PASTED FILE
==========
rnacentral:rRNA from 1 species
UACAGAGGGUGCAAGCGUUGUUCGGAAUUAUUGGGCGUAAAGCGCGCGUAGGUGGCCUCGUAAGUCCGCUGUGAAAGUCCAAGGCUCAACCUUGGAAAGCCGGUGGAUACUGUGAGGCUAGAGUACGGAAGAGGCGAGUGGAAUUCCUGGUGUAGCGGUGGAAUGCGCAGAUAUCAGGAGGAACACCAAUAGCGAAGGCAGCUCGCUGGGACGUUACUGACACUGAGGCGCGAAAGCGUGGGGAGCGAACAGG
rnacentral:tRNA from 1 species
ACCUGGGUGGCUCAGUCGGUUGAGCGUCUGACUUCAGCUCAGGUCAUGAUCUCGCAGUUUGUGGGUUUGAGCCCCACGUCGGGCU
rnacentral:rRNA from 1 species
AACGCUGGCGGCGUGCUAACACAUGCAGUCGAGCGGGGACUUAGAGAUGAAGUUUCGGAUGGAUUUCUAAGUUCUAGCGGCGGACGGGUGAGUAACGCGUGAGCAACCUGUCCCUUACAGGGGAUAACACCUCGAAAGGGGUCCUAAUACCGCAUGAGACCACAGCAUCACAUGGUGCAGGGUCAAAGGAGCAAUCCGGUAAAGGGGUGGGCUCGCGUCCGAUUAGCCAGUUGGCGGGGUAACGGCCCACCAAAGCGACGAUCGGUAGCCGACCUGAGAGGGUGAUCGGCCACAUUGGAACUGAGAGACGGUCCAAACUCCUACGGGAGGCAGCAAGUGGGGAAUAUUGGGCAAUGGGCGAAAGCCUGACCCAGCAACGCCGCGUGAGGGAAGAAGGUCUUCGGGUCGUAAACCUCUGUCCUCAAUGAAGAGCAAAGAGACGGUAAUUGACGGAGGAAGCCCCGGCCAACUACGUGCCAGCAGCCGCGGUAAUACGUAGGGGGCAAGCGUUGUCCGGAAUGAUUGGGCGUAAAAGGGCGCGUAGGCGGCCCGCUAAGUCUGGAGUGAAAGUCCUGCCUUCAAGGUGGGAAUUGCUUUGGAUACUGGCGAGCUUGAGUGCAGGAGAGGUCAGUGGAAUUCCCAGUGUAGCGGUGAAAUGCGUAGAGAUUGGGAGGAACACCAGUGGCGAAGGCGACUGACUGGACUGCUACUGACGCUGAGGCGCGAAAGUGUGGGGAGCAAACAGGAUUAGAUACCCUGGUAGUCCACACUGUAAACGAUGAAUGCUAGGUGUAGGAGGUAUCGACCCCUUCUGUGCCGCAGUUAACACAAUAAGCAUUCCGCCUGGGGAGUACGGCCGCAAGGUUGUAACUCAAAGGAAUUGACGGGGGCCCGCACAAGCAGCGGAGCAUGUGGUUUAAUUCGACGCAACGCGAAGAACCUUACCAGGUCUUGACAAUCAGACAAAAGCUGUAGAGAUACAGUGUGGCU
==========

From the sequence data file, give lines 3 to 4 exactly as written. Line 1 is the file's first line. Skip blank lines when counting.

rnacentral:tRNA from 1 species
ACCUGGGUGGCUCAGUCGGUUGAGCGUCUGACUUCAGCUCAGGUCAUGAUCUCGCAGUUUGUGGGUUUGAGCCCCACGUCGGGCU